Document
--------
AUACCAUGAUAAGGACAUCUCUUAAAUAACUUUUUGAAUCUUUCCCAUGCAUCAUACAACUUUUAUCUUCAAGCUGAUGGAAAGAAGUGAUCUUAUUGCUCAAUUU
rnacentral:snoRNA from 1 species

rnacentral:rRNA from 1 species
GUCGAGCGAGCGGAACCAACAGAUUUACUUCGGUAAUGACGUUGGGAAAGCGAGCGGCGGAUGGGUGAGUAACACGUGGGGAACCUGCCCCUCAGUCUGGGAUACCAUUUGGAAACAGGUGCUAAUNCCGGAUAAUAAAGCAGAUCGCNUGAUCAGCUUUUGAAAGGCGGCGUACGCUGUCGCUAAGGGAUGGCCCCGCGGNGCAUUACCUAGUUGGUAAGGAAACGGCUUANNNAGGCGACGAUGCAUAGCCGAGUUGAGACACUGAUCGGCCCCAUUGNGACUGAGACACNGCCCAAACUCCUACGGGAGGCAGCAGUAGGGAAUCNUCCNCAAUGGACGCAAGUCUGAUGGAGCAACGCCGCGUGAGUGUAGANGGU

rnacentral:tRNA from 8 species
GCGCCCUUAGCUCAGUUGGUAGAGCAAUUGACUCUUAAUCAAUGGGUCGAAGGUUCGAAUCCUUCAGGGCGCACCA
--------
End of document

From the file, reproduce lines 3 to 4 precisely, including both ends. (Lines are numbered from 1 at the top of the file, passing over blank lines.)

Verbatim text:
rnacentral:rRNA from 1 species
GUCGAGCGAGCGGAACCAACAGAUUUACUUCGGUAAUGACGUUGGGAAAGCGAGCGGCGGAUGGGUGAGUAACACGUGGGGAACCUGCCCCUCAGUCUGGGAUACCAUUUGGAAACAGGUGCUAAUNCCGGAUAAUAAAGCAGAUCGCNUGAUCAGCUUUUGAAAGGCGGCGUACGCUGUCGCUAAGGGAUGGCCCCGCGGNGCAUUACCUAGUUGGUAAGGAAACGGCUUANNNAGGCGACGAUGCAUAGCCGAGUUGAGACACUGAUCGGCCCCAUUGNGACUGAGACACNGCCCAAACUCCUACGGGAGGCAGCAGUAGGGAAUCNUCCNCAAUGGACGCAAGUCUGAUGGAGCAACGCCGCGUGAGUGUAGANGGU